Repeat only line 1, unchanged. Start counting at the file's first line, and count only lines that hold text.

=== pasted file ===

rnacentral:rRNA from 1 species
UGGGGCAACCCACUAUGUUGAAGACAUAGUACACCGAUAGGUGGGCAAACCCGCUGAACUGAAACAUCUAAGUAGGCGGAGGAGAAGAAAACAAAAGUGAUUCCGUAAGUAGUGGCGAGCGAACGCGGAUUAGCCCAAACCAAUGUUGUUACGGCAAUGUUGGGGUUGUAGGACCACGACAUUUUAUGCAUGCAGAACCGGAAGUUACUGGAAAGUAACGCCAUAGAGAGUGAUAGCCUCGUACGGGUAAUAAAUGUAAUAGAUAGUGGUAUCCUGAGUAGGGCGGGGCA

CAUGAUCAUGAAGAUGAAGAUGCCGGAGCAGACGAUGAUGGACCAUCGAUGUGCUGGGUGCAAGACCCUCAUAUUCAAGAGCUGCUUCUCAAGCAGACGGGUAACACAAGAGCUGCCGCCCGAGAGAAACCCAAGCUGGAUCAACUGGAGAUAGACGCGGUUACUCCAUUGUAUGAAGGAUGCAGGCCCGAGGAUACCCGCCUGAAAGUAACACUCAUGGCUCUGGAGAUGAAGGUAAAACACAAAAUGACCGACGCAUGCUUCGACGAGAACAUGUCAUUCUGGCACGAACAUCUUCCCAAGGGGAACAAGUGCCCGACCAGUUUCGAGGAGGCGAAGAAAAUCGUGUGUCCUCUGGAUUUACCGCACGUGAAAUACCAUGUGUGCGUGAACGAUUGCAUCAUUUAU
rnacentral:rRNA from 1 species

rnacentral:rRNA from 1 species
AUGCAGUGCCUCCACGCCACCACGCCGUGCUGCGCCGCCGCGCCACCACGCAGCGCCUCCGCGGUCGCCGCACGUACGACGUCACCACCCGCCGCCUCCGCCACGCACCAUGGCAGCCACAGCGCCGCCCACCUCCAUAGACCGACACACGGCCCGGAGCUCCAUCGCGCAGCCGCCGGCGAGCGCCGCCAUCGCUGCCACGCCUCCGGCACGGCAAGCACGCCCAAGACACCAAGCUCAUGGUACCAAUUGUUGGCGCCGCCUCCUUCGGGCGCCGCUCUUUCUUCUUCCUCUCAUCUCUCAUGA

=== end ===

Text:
rnacentral:rRNA from 1 species